ArticlesStay informed with our topical articles, all written by our equine vets.
Tooth decay in horses
Similar to humans, horses’ teeth suffer from decay, referred to as ‘caries’. Horses’ upper cheek teeth have infundibulae, cup-shaped invaginations in their grinding surface that are normally filled with a hard material called cementum. Sometimes these infundibulae are incompletely filled during development, leaving a cavity for food to settle in and decay. Over time the […]Read More
Thinking about breeding your mare?
Pre-Breeding Testing Taking your mare to stud? Depending on which stud you are going to, you may be asked to test for a variety of diseases. The most common disease is contagious equine metritis (CEM). This is a bacterial uterine infection caused by T. equigenitalis, K. pneumoniae or P. aeruginosa. Testing involves takes a swab […]Read More
Sweet itch is a common disease of horses in summer causing them to rub their mane, tail and body. It is caused by a hypersensitive reaction to the saliva of the female Culicoides midge. Affected patients can suffer from frenzied itching of the mane, tail, head, poll and abdominal areas. This results in loss of […]Read More
Anaesthesia with ‘Womble’
Under a general anaesthetic, concsciousness is lost preventing pain and stress to the horse before, during and after major surgery. Horses that are to undergo surgery under general anaesthesia are admitted to the clinic the day before their procedure. They will be thoroughly assessed to detect any potential risks. This involves examining the heart, lungs and […]Read More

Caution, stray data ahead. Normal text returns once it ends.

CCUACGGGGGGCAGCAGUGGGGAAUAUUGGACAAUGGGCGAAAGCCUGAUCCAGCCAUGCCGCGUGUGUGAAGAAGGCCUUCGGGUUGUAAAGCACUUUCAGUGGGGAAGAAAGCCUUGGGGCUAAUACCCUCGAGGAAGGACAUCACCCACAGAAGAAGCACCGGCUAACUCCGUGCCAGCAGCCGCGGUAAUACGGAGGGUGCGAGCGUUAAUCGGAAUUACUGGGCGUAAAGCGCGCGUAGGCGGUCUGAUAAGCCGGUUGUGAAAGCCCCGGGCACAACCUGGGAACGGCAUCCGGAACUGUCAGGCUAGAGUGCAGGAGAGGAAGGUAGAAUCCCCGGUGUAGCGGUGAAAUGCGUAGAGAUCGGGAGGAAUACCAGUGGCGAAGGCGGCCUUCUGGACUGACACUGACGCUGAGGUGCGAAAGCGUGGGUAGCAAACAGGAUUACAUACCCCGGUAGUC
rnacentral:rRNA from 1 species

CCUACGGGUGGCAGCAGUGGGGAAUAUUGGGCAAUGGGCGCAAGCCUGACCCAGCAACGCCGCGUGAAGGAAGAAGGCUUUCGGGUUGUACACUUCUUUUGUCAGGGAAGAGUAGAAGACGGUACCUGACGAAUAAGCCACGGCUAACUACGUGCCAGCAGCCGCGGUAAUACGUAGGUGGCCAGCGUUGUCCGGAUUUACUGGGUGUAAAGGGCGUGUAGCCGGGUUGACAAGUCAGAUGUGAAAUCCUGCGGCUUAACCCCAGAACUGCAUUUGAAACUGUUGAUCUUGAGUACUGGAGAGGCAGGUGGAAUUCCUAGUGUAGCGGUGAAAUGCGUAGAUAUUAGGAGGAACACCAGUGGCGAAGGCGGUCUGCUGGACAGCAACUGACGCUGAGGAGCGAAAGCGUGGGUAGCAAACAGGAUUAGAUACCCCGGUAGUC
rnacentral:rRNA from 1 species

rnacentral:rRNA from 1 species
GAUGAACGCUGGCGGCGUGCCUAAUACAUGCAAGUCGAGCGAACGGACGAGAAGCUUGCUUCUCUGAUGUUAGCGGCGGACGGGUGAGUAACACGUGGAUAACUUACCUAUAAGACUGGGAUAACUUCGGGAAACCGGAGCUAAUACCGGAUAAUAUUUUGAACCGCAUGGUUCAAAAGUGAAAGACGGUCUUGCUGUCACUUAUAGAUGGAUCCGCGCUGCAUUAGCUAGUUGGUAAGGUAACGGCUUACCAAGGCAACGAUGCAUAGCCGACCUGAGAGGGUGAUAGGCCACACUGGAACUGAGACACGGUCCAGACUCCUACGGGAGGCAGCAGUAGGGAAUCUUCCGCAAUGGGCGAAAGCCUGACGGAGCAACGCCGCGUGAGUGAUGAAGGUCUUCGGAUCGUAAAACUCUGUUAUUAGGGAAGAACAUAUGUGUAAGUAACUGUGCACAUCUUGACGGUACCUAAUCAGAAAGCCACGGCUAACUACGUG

Preventing gastric ulcers
Squamous ulceration and glandular ulceration are considered separate disease entities and whilst the risk factors for squamous ulceration are well publicised, further research is required for glandular ulcerative disease. By knowing the risk factors for ulcerative disease, we can endeavour to develop prevention strategies. In some horses, it is impossible to ascertain the trigger factor […]Read More
MRI provides the key to the diagnosis for Toby
Toby, a 7 year-old, Cob cross pony presented to Oakhill with a several week history of mild, right forelimb lameness. Despite a short period of box rest and pain-relief, the lameness did not resolve, and a veterinary opinion was sought. Nikki Platt, our senior lameness veterinary surgeon examined the pony and noted that the pony’s […]Read More